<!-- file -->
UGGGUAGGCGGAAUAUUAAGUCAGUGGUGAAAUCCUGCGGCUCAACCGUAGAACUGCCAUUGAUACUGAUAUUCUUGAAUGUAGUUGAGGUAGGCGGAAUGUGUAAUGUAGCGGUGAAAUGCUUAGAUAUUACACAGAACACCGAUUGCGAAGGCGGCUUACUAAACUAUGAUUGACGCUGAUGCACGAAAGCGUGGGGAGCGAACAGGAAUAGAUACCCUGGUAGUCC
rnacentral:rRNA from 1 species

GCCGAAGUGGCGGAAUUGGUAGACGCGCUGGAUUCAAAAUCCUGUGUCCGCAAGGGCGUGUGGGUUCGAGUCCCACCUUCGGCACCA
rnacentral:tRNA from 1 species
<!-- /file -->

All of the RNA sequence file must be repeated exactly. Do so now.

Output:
UGGGUAGGCGGAAUAUUAAGUCAGUGGUGAAAUCCUGCGGCUCAACCGUAGAACUGCCAUUGAUACUGAUAUUCUUGAAUGUAGUUGAGGUAGGCGGAAUGUGUAAUGUAGCGGUGAAAUGCUUAGAUAUUACACAGAACACCGAUUGCGAAGGCGGCUUACUAAACUAUGAUUGACGCUGAUGCACGAAAGCGUGGGGAGCGAACAGGAAUAGAUACCCUGGUAGUCC
rnacentral:rRNA from 1 species

GCCGAAGUGGCGGAAUUGGUAGACGCGCUGGAUUCAAAAUCCUGUGUCCGCAAGGGCGUGUGGGUUCGAGUCCCACCUUCGGCACCA
rnacentral:tRNA from 1 species